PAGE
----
Quotes about Grace PaleyEdit

  • Her peers have praised her publicly. Philip Roth called her a "genuine writer of prose," and Herbert Gold, "an exciting writer." Susan Sontag, perhaps selling short Paley's deliberate artistry, called her "a rare kind of writer"-a "natural." Donald Barthelme said simply she was "wonderful."
  • On the literary front, Grace Paley is the nation’s — one of the most acclaimed writers in the nation.
  • I read a lot of poetry. I keep up, as much as possible, with modern American poetry and I think that I'm very influenced by its rhythms. I like Walt Whitman, and I read all of Yeats a couple of months ago... I've read Galway Kinnell and Carolyn Kizer and Bob Hass, and some of the people who are sort of like poets but are prose writers like Grace Paley and Cynthia Ozick.
  • if you’re going to be involved with the Left, you’ve got to start thinking about Israel. Melanie Kaye/Kantrowitz and I became very committed to supporting the Women in Black in ‘87. I formed a group here, the Jewish Women’s Committee to End the Occupation (JWCEO) with Clare Kinberg and Grace Paley. We wanted to be identified as Jews protesting.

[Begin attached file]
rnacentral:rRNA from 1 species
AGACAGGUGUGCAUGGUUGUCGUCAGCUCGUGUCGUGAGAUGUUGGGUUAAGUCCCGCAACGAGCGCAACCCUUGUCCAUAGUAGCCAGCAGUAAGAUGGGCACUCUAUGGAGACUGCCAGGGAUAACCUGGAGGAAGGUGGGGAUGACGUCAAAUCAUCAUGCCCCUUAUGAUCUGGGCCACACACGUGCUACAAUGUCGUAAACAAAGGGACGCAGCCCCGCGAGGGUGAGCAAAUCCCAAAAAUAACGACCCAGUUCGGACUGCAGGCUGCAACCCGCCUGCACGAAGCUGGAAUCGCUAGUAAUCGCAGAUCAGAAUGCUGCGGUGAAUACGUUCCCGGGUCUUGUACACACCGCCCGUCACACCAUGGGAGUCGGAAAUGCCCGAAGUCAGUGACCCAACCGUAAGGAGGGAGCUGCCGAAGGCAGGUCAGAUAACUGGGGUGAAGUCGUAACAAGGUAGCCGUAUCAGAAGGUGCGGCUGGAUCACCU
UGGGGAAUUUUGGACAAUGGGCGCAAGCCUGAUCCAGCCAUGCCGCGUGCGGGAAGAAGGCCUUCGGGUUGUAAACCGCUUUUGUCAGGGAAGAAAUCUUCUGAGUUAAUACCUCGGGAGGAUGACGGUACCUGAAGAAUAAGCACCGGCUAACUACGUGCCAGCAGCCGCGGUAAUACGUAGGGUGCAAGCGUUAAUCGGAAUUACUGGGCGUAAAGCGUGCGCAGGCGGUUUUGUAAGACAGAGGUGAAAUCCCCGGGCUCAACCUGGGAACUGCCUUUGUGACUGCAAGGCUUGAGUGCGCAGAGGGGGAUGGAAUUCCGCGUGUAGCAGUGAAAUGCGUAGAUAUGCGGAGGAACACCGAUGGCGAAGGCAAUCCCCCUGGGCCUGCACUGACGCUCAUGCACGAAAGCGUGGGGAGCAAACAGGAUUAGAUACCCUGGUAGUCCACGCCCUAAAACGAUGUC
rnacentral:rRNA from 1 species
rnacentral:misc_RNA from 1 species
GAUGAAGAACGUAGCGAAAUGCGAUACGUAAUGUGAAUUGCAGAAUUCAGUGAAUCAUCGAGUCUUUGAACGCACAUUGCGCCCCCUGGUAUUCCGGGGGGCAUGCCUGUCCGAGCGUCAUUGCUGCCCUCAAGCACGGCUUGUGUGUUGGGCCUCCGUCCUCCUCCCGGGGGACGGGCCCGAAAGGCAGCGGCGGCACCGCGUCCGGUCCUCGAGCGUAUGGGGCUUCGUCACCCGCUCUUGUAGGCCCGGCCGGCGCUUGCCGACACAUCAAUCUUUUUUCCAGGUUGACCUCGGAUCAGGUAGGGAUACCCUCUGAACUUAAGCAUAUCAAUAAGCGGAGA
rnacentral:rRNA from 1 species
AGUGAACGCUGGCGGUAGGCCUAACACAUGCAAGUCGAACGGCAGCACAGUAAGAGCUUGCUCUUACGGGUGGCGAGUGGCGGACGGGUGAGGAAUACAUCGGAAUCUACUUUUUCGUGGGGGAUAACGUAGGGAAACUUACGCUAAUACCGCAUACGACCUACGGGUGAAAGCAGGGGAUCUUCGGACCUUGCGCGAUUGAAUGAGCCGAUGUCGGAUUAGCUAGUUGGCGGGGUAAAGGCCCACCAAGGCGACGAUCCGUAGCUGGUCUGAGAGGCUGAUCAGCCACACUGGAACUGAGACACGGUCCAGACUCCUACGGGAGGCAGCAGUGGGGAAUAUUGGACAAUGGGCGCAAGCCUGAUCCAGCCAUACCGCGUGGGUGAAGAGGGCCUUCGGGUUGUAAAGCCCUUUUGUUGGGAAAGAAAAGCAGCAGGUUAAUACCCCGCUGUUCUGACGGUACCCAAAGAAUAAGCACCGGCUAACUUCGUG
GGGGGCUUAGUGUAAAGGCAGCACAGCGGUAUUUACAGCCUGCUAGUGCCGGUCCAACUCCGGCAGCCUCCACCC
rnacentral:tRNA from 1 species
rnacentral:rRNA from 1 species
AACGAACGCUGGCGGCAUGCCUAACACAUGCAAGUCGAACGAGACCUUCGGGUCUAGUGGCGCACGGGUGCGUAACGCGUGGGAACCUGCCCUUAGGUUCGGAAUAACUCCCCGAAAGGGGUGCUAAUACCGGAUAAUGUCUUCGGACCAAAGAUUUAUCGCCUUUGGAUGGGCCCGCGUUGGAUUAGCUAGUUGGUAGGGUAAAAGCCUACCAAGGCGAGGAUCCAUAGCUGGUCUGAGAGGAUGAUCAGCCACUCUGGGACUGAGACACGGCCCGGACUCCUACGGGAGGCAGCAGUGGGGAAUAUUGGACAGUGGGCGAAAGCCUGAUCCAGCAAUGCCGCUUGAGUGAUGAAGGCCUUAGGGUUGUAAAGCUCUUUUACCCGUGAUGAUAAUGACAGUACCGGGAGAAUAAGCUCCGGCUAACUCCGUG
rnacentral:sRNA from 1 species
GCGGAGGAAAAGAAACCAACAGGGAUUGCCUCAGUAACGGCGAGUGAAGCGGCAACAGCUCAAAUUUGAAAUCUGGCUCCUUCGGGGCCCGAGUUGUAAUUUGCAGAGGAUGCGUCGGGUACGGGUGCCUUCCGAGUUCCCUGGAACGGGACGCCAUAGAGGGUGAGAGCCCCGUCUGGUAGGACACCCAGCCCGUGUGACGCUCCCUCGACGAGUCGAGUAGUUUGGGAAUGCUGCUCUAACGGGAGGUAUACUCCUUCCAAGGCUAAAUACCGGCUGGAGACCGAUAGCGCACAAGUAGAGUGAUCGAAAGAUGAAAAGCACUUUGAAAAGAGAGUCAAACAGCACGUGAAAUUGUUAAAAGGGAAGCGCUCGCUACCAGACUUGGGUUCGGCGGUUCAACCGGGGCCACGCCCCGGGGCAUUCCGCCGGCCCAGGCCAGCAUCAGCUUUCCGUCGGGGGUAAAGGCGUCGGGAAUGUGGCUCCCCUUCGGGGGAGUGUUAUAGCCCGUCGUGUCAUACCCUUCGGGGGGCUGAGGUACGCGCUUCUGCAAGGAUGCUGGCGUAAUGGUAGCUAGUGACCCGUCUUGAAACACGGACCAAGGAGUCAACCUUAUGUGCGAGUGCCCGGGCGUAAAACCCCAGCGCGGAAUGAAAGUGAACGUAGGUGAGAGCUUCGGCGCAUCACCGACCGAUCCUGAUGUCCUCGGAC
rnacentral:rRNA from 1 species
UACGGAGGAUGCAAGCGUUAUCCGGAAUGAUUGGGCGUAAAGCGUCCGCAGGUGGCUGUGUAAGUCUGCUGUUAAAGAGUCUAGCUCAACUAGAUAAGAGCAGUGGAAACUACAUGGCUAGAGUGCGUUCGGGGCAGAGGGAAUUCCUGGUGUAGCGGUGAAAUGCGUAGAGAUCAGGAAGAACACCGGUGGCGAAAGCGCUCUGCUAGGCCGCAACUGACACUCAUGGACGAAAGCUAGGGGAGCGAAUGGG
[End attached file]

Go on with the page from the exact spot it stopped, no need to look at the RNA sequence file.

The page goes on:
• Grace, guide us! What is politics to you?/You are such a brave activist!/How do we live, what do we do?/Politics is simply the way human beings treat/one another on the earth.
  • Poet Robert Pinsky knew Paley for more than 20 years, and he loved her poetry and short fiction. "They're completely lucid," he said. "They take the materials of a life, and make those materials immensely beautiful — that's art."
  • As Philip Roth has said, Paley's stories display "an understanding of loneliness, lust, selfishness, and fatigue that is splendidly comic and unladylike." In the words of her neighbor and colleague in fiction, Donald Barthelme, she is a "wonderful writer and troublemaker"...Paley's second-floor living room is vintage Village. Bookshelves crammed with Babel and Chekhov and Marx, records piled into a Hellman's mayonnaise box, a sad rag rug, artifacts of politics, woolly pillows strewn on the floor, three empty light sockets in the ceiling. The lived-in look.
  • What I love most in Grace Paley's poetry is her unquenchable sense that the artist's life is not somewhere at the margins of community, that a dialogue is necessary between the poet and her people. The North American enterprise has injured this dialogue. Paley's exuberant, heartbreaking, committed poems call it back to health.